Death Cab for Cutie – Codes and Keys

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Death Cab for Cutie remains a pleasant listen for me.  I’ve been listening to their new CD, Codes and Keys, off and on for several weeks.  My initial opinion was that it was more of the same (despite a preference for keyboards over guitars this outing), then I liked it quite a bit.  Now, it’s back to just okay and I know why.

There’s something new here, but nowhere nearly enough.  One wonders if Death Cab will ever take a chance a la Wilco with its addition of Nels Cline… push the boundaries a bit.  The sameness is no surprise.  Writer/singer Ben Gibbard has two speeds of singing – a normal parsed delivery, and a slightly faster parsed delivery.  He’s got a good, well articulated voice, but over the course of 7 releases, yeah.  It sounds the same.

Guitarist/keyboardist/producer Chris Walla has a penchant for experimental  sounds, which are generally electronic adornments to the basic strums of each song.  These vary the tone appreciably and at times elevate a song to a different place, but there’s still a sameness to it.  Production values are clean and sonically sparse, which is necessary to give Gibbard room to make plain his lyrics.  However, the starker instrumentation leaves the only warmth in the recording to Gibbard’s voice, which is largely observational rather than involved.

The first song, “Home is a Fire,” grows to a warm spot over time, an interesting song about slow change in relationships.  The title track loses focus lyrically despite some great phrases.  “Some Boys” is an annoyance.  I’m a guy, and a chorus of “Some boys…” just doesn’t appeal, and though it’s a curious dig at whichever rock stars use and lose girls, it’s bite is lost in music without a punch.

“You are a Tourist” features a refreshing electric guitar lead and seems to be the primary inclusion for keeping the coffers full.  “Underneath the Sycamore” is perhaps the only song that reaches to the excellence that fans expect from Gibbard, but a story of escape from life’s difficulties via a car wreck isn’t likely to invite frequent rotation.

“Monday Morning” is more positive and catchy, but “Portable Television” suffers from good phrases with lack of overall focus.  “Doors Unlocked and Open” has an enjoyable lengthy instrumental intro, but the slightly trippy lyrics do not offer much substance.  In fact, the collection here falls short of the the writing standards that fans have come to expect from Gibbard.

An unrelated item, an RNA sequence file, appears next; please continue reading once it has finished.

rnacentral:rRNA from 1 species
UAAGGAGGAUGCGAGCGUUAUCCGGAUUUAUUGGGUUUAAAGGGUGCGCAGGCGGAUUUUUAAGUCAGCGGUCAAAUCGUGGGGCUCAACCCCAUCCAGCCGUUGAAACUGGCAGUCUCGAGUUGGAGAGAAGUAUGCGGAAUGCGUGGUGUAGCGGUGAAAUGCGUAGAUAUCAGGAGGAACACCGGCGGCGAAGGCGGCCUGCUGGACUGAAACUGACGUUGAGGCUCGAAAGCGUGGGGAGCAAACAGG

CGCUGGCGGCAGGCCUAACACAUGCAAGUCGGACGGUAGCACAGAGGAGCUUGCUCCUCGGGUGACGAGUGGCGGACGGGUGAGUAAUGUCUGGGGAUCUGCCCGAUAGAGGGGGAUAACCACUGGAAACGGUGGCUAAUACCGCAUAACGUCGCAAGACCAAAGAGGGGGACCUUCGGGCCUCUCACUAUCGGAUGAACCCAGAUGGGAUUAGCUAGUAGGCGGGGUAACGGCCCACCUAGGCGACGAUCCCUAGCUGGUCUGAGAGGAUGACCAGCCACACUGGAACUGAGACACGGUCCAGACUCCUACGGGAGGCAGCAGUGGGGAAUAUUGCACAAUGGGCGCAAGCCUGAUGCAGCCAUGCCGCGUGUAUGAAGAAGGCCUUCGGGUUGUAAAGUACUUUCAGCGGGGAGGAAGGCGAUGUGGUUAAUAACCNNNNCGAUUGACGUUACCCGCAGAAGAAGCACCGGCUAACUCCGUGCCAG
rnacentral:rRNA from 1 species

Not that the lyrics do not shine in places.  The key songs are “Unobstructed Views,” “St. Peter’s Cathedral,” and “Stay Young Go Dancing.”  Gibbard has always been adept at writing about troubled relationships.  Recently married, a difference is apparent in a “love is all you need” theme across these songs.  “Unobstructed views” is the clearest:

There’s no eye in the sky

Just our love

No unobstructed views, no perfect truths

Just our love

The elevation of love to the divine isn’t a new concept, but Gibbard moves beyond that to the negation of “the God concept,” a curious tact in what otherwise reads as a love song.  “St. Peter’s Cathedral” lyrically attempts more equanimity to the divine.

St. Peter’s Cathedral built of granite but ever fearful of the answer

When the candle in the tunnel is flickering in sputters and fading faster

It’s only then that you will know what lies above or down below

Or if these fictions only prove how much you’ve really got to lose

At St. Peter’s Cathedral there is stained glass, there’s a steeple that is reaching

Up towards the heaves such ambition never failing to amaze me

It’s either quite a master plan or just chemicals that help us understand

That when our hearts stop ticking this is the end

There’s nothing past this.

There are hints here of which way Gibbard leans, but, to the band’s credit, the music supports the argument.  The song begins in a typical DC4C measured tone, but towards the end it builds to a crescendo as Gibbard’s refrain of “There’s nothing past this” becomes a mantra.  It’s very well done.  That said, I find it curious that a musical exaltation would point towards “there’s nothing past this” rather than toward some outworking of a future hope, call it whatever you like.

The final song, “Stay Young Go Dancing” is surprisingly refreshing, with a return to the warmth of an acoustic guitar, an audible reminder of how the tone differs on the rest of the CD.  Musically and lyrically, this song rests as a statement of what life is all about… when your view is that there is, indeed, nothing past this life.

And I’m swallowed in sound as it echoes through me

I’m renewed

Oh how I feel alive

And through winter’s advancing

We’ll stay young and go dancing

Suggested Tracks: “Home is a Fire,” “You are a Tourist,” “Unobstructed Views,” “Stay Young Go Dancing”

3 of 5 STARS



1 comment :

  1. Interesting. "You Are a Tourist" conjures up the music of several past bands all melded into one. Now I am going to have to listen to it several more times to pin down which ones! ;-)